Parents Need Support Too

It’s important that we find safe places – and people – in person as well as online — who listen without condemnation and then respond, “been there. I know what you’re talking about.”
We might even find some valuable help along the way.

Finding the Right Fit: 2e kids in a “one-size-fits-all” world

Our kids will come alive as they have never before when they finally find their niche, finally find people who are on the same wavelength, with similar interests, who respond to conversation with conversation rather than the “you’re so smart” excuse of a response. People who inspire and motivate rather than constrain and frustrate.

We weren’t made for this: living in a world of input overload

We live in a hyper-connected world where people’s tragedies and struggles go viral, where we can be reached anytime, anywhere – by strangers as well as friends. While being informed and aware is a good thing, I fear that we are unwittingly hurting the mental health of our kids and young people – not to mention ourselves.
We weren’t made for this.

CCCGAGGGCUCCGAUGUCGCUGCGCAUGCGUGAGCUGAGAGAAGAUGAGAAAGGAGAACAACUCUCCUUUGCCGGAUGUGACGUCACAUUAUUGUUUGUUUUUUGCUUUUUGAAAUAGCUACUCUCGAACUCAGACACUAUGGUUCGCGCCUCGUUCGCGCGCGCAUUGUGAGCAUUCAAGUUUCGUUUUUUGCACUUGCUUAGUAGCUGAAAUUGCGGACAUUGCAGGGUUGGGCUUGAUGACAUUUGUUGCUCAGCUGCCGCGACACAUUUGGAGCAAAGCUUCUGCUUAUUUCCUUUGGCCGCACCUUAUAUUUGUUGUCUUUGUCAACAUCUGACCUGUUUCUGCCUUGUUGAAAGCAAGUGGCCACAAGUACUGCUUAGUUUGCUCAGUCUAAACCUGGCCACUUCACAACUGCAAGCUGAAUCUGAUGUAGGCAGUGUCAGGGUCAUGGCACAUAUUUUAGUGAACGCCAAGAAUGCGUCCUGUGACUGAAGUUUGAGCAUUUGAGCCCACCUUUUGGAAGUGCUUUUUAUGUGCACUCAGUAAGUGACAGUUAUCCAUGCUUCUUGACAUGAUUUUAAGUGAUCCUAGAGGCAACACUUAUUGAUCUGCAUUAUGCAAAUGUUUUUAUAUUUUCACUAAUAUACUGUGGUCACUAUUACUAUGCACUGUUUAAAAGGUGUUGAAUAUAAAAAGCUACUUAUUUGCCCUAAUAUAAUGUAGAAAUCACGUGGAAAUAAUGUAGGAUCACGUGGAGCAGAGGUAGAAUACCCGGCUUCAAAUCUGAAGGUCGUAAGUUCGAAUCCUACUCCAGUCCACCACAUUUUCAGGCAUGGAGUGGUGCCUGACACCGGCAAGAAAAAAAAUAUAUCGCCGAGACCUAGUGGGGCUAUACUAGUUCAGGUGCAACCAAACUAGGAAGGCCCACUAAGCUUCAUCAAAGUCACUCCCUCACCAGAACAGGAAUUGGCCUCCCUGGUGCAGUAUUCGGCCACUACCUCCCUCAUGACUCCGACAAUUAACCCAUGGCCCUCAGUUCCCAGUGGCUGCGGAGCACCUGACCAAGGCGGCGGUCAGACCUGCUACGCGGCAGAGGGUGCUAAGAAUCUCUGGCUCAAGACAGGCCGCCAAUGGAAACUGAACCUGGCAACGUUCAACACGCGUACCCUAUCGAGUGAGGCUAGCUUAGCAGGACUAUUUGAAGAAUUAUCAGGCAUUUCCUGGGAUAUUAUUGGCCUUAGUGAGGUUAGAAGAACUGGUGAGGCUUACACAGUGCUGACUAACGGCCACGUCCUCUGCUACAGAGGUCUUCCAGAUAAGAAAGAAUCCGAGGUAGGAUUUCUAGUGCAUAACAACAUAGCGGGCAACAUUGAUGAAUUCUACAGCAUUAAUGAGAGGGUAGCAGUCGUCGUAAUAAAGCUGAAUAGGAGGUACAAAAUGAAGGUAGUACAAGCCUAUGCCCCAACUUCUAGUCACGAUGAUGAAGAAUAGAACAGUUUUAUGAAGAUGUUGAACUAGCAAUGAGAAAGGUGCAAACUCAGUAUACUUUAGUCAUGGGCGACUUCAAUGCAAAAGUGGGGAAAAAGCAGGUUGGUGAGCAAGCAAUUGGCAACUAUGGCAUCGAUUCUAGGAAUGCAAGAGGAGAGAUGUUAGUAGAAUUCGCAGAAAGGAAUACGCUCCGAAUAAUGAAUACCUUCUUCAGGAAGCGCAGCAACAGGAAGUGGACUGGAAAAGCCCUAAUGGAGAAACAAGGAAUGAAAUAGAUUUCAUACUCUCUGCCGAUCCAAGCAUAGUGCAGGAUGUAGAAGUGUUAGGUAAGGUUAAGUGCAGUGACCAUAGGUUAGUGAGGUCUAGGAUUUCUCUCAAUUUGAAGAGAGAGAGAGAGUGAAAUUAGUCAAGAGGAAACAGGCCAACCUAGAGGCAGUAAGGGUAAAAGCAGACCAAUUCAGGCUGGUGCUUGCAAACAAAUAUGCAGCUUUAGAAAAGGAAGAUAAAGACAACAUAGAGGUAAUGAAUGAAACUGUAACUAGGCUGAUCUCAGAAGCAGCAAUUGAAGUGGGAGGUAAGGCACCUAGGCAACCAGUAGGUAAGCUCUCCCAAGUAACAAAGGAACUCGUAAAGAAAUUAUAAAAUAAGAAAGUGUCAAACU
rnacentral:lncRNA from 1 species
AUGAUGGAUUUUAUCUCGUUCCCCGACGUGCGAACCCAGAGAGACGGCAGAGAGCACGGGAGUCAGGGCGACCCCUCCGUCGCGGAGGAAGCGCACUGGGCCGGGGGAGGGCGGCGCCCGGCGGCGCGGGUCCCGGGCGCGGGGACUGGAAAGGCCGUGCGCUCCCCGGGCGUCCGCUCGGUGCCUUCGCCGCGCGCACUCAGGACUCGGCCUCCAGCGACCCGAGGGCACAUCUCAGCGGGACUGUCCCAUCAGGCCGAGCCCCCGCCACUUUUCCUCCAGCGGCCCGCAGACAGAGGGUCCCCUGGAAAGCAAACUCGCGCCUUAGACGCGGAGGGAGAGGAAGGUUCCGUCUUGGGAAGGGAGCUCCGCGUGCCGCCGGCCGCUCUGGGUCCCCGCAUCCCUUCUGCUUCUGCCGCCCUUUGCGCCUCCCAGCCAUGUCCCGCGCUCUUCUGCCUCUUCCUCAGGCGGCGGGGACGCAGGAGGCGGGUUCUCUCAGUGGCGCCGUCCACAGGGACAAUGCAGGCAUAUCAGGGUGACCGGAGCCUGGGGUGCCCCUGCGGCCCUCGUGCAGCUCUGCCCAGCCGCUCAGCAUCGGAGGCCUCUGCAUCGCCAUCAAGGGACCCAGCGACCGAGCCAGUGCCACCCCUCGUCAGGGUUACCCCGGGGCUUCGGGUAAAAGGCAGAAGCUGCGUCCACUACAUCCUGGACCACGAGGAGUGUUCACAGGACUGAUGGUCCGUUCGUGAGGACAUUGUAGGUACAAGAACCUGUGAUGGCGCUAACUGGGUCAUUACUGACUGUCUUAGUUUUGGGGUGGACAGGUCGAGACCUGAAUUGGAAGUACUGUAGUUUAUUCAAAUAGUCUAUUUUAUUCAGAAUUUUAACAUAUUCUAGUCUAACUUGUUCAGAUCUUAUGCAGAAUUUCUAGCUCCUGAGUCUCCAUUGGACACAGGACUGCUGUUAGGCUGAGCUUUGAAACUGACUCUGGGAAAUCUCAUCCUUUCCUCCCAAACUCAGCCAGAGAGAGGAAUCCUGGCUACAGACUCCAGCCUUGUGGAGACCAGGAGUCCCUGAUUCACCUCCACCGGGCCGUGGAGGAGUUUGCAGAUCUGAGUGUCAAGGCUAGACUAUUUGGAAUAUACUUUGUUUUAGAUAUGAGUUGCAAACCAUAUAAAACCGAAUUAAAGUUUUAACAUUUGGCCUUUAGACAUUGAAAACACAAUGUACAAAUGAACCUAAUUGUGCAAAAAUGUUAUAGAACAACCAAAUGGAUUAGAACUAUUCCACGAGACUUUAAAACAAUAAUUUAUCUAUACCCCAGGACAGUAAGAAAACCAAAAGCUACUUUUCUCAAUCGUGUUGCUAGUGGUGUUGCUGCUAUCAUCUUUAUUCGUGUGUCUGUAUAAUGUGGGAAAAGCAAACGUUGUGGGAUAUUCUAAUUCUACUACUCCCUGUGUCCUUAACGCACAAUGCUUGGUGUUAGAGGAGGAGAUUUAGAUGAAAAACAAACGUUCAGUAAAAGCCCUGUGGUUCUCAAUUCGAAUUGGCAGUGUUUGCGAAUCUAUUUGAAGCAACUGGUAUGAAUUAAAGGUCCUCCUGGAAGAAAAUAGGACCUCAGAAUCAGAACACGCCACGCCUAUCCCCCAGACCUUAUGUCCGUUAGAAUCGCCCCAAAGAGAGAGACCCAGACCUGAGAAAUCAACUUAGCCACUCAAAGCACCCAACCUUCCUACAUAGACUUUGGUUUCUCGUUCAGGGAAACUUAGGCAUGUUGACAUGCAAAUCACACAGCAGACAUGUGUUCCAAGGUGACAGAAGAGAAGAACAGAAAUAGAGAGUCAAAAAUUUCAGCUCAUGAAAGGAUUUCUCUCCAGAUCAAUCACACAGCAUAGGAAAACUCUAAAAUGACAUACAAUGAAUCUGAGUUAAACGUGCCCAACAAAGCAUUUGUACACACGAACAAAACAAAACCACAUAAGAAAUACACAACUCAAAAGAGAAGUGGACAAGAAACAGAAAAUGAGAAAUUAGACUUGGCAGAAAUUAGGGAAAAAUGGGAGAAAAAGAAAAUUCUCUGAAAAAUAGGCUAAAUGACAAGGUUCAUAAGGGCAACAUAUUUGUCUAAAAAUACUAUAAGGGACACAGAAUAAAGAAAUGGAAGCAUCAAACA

Fake Trees can be Magical Too

Sometimes, our kids don’t experience the world the same way we do. There are allergies, sensory sensitivities, and other challenges that would make the events that we loved more stressful than thrilling, more anxiety-inducing than awe-inspiring.
You can give your kids… and yourself… a gift. The gift of an appropriate and child-informed holiday season. I’m not saying that we let our littles become dictators who determine what we do (and don’t) do, but instead of chasing after recreating the past and keeping up with the neighbors down the street, we do what works for our family. At our pace. And don’t feel guilty about the rest.

Gifted Kids Need Biographies

When we connect with people, even through their biographies, they can inspire and challenge us.
When we read about others with similar interests who go on to do great things, that makes us more willing to try hard things as well.

3 Survival Tips when Parenting Gifted Preschoolers

The early years of parenting gifted kids can be tough. You’re probably sleep-deprived, frazzled, questioning your parenting skills, asynchrony is in full force, and all around you, people are telling you to “enjoy every moment” and to “let them be little”.
Meanwhile, you’re wondering what in the world you’re going to do with a 4 year old who reads a math dictionary for fun while his friends are playing pirates and house.